Dutch Diagnostic Instrument for Mild Aphasia (DIMA): standardisation and a first clinical application in two brain tumour patients

Djaina Satoer*, Elke De Witte, Bram Bulté, Roelien Bastiaanse, Marion Smits, Arnaud Vincent, Peter Mariën, Evy Visch-Brink

*Corresponding author for this work

Research output: Contribution to journalArticleAcademicpeer-review

2 Citations (Scopus)
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Abstract

Brain tumour patients with mild language disturbances are typically underdiagnosed due to lack of sensitive tests leading to negative effects in daily communicative and social life. We aim to develop a Dutch standardised test-battery, the Diagnostic Instrument for Mild Aphasia (DIMA) to detect characteristics of mild aphasia at the main linguistic levels phonology, semantics and (morpho-)syntax in production and comprehension. We designed 4 DIMA subtests: 1) repetition (words, non-words, compounds and sentences), 2) semantic odd-picture-out (objects and actions), 3) sentence completion and 4) sentence judgment (accuracy and reaction time). A normative study was carried out in a healthy Dutch-speaking population (N = 211) divided into groups of gender, age and education. Clinical application of DIMA was demonstrated in two brain tumour patients (glioma and meningioma). Standard language tests were also administered: object naming, verbal fluency (category and letter), and Token Test. Performance was at ceiling on all sub-tests, except semantic odd-picture-out actions, with an effect of age and education on most subtests. Clinical application DIMA: repetition was impaired in both cases. Reaction time in the sentence judgment test (phonology and syntax) was impaired (not accuracy) in one patient. Standard language tests: category fluency was impaired in both cases and object naming in one patient. The Token Test was not able to detect language disturbances in both cases. DIMA seems to be sensitive to capture mild aphasic deficits. DIMA is expected to be of great potential for standard assessment of language functions in patients with also other neurological diseases than brain tumours.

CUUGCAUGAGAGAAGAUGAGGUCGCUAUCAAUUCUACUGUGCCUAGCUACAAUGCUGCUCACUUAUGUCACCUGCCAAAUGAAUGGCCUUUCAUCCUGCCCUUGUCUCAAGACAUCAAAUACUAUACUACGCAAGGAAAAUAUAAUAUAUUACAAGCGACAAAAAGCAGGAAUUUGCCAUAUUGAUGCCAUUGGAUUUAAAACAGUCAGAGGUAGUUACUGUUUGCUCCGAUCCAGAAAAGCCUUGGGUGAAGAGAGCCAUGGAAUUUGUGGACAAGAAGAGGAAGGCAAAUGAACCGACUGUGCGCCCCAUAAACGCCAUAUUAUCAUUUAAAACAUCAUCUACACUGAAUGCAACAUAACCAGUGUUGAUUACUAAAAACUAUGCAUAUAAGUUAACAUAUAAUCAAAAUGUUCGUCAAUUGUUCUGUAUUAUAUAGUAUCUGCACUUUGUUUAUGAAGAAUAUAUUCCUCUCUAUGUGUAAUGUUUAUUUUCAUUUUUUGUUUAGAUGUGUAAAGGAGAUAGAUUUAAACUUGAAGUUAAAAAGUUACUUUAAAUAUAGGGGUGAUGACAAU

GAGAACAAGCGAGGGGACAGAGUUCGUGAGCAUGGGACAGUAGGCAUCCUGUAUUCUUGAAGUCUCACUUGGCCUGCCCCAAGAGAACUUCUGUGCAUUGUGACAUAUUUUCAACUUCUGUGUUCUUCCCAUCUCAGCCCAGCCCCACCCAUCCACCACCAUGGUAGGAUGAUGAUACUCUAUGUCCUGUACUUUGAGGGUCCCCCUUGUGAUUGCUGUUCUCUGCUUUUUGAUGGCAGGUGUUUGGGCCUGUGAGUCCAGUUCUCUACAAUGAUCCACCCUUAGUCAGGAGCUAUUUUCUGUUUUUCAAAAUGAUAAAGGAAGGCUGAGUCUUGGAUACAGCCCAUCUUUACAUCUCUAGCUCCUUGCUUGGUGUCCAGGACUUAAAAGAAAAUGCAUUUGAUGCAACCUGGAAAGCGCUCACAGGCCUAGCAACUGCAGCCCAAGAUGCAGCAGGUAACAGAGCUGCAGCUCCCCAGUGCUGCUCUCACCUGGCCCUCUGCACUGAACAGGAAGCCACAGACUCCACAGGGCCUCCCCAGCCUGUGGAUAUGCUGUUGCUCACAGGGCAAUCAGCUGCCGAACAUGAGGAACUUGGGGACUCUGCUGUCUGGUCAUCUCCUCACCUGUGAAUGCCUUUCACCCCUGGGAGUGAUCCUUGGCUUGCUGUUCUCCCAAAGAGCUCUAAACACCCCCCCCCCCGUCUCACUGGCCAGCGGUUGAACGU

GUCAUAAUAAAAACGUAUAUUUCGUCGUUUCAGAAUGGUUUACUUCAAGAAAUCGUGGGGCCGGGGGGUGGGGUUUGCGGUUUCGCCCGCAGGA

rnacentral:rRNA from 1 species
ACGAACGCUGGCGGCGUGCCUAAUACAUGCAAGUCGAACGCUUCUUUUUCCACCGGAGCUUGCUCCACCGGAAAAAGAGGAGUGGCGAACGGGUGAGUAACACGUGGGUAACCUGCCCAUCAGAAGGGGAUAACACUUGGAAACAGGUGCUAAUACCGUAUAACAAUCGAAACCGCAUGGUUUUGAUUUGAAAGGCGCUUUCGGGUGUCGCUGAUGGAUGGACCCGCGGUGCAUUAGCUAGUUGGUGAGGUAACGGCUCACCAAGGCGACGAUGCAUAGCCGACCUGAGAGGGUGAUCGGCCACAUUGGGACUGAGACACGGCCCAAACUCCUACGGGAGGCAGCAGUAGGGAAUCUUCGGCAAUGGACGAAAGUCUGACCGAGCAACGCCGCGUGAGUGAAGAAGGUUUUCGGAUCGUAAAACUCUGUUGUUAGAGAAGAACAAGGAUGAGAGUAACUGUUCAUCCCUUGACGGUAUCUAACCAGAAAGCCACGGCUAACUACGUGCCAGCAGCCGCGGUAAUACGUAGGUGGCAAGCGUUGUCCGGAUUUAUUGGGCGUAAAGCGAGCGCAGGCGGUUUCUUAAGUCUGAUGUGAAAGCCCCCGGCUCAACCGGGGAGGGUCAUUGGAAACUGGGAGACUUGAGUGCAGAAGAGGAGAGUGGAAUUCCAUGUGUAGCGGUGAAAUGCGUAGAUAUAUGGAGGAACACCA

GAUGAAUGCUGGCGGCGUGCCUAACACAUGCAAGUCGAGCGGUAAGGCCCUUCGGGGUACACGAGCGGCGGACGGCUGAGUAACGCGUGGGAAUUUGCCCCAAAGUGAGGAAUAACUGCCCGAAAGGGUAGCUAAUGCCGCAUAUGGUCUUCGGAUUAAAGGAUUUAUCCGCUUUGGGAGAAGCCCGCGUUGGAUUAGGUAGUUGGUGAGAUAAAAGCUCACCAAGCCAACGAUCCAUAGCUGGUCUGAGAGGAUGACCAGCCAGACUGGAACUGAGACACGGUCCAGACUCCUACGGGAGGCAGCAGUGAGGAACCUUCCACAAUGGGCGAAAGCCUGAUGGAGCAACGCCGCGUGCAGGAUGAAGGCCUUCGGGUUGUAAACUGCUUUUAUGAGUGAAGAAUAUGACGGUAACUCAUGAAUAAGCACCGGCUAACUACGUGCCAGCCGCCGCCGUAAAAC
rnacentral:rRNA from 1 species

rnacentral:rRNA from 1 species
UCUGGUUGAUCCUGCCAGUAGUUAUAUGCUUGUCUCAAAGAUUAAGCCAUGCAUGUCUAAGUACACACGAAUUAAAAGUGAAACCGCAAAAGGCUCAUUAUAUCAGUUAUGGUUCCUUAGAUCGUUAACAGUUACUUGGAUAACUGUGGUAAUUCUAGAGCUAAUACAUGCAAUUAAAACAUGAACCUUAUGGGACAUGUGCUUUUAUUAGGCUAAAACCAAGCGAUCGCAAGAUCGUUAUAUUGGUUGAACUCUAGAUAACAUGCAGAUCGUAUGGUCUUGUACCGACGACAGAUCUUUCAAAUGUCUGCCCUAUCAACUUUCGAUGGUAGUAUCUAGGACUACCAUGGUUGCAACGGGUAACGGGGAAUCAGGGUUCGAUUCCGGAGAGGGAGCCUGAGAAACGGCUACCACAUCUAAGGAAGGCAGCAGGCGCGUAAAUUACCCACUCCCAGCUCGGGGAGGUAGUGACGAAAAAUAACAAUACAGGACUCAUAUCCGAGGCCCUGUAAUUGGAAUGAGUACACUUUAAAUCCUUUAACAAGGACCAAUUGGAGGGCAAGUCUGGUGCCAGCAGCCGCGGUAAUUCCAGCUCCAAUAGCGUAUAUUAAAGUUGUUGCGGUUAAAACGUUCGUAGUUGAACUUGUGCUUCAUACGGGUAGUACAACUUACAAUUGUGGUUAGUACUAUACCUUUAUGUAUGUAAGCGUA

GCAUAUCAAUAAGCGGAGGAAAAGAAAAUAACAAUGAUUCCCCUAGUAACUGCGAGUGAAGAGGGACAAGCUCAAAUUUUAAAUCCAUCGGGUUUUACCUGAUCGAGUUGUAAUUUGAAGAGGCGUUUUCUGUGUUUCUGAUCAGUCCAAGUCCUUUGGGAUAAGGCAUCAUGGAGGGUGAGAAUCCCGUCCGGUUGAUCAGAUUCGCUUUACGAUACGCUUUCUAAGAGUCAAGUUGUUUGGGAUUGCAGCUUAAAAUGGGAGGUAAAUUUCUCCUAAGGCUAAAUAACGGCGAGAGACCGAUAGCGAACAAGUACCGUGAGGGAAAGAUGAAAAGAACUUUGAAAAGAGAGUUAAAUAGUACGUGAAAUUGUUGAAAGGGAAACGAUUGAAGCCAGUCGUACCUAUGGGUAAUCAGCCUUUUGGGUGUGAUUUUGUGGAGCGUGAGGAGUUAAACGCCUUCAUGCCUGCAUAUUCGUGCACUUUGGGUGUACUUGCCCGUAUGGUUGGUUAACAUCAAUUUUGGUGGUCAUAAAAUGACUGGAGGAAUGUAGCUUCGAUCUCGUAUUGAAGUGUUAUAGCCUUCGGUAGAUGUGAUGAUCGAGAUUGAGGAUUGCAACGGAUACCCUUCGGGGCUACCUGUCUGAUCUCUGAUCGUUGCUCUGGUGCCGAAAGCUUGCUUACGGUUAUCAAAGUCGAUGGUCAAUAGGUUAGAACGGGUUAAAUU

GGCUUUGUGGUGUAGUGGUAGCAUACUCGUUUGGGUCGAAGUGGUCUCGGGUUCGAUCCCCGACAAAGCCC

Original languageEnglish
Pages (from-to)929-953
Number of pages25
JournalClinical Linguistics and Phonetics
Volume36
Issue number11
DOIs
Publication statusPublished - 28 Jul 2022

Bibliographical note

Funding Information:
The author Roelien Bastiaanse was partially supported by the Сenter for Language and Brain NRU Higher School of Economics, RF Government grant, ag. № 14.641.31.0004. We are grateful to students from the University of Groningen (the Netherlands) and Vrije Universiteit Brussels (Belgium), in particular: Pauline Cuperus, Mayon Bulthuis, Fleur Versteeg, Bram de Beer, Charlotte Abspoel and Saskia Mooijman. We are grateful to healthcare organization Zinn Zorg Haren for recruiting healthy test 75+ years participants.

Publisher Copyright:
© 2022 The Author(s). Published with license by Taylor & Francis Group, LLC.

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